Wisconsin Heart Disease and Stroke Prevention Program
Cardiovascular Facts for Wisconsin
In 2005, more than 34% of all Wisconsin deaths (15,892) were due to Cardiovascular Disease. This includes 7,608 deaths due to coronary (ischemic) heart disease, 1,440 to congestive heart failure, and 2,952 to stroke. CVD is the leading cause of death among men and women of all racial and ethnic groups. Annually, CVD causes more deaths than cancer, AIDS, automobile crashes, domestic abuse and alcohol abuse combined. In Wisconsin, the estimated annual total cost of CVD in 2005 was $7.5 billion* or over $1000 for every man, women and child in Wisconsin. Total costs include direct costs (health care, provider visits, hospital and nursing home services, medications, home care) and indirect costs (lost productivity). The burden is higher among minority populations. Wisconsin Heart Disease and Stroke Surveillance Summary Update 2007 (PDF, 2.2 MB) and Yearly updates and trends of major CVDs (PDF, 25 KB) from 1990 through 2004 are also available.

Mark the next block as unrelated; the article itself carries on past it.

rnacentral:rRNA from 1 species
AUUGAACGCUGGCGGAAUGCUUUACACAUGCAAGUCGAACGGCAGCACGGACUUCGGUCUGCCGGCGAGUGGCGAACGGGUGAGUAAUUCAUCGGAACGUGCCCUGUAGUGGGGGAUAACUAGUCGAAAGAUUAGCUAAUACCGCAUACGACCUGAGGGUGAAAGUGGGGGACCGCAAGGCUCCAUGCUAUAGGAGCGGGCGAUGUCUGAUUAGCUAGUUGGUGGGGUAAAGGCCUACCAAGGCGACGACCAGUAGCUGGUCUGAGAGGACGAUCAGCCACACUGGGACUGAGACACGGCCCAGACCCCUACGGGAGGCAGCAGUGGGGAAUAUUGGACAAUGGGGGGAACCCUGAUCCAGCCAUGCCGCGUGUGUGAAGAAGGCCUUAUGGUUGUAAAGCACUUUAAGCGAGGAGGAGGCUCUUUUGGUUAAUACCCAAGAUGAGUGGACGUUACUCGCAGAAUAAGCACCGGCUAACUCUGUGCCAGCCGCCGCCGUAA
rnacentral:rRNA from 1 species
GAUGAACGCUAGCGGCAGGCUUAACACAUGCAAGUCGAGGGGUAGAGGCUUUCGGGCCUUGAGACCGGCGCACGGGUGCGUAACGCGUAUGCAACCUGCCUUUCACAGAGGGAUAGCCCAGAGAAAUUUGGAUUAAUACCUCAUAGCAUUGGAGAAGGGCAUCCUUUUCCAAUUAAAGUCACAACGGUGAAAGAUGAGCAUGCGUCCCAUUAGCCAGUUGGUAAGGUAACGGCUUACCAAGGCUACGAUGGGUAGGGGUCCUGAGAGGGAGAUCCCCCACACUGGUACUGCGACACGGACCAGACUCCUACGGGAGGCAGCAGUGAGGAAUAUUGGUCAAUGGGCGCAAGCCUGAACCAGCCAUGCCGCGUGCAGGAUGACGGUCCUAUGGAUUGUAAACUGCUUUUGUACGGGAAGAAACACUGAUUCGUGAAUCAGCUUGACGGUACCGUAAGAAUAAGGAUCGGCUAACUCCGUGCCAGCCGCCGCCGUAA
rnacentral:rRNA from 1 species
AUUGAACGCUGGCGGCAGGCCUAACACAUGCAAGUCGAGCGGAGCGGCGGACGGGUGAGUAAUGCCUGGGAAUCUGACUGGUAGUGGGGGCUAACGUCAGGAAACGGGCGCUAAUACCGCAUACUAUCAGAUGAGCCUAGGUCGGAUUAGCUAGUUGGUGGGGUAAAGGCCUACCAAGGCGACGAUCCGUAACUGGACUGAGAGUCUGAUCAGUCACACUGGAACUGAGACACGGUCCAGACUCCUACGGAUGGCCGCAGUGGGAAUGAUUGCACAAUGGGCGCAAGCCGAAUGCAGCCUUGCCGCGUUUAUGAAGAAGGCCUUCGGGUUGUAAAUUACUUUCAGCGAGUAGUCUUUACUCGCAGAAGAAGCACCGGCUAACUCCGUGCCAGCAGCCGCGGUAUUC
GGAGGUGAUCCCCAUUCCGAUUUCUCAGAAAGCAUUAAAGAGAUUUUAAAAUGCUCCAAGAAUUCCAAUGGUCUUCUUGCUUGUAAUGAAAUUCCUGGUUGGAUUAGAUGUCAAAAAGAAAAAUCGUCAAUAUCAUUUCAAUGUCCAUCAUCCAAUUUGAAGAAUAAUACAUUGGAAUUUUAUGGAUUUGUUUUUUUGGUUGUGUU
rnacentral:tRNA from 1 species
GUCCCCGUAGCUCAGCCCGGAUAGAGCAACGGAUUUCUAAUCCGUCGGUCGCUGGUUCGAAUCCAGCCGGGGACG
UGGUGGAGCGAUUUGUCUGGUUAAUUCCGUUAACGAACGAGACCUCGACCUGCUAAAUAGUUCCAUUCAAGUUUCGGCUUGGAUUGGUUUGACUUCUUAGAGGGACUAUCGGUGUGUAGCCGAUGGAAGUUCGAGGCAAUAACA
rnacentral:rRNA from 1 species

The 2010 version of the Burden: The Burden of Heart Disease and Stroke in Wisconsin 2010 (PDF, 3.4 MB)
Cardiovascular disease (CVD) includes a variety of heart and blood vessel diseases, such as heart attack (coronary artery disease), high blood pressure (hypertension), congestive heart failures, and brain attack (stroke). Heart Disease is the number one cause of death, and Stroke is the number three cause of death in Wisconsin and the United States.
Much of the health and economic burden of cardiovascular disease can be prevented and controlled. If individuals control their blood pressure and blood cholesterol, quit smoking, increase their physical activity, maintain a normal body weight and eat a healthy diet, heart disease can be prevented. For information regarding Physical Activity and Nutrition, visit the Cardiovascular Health Links page.
* Heart Disease and Stroke Statistics-- 2005 Update. Dallas, TX, American Heart Association
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Last Revised: March 19, 2013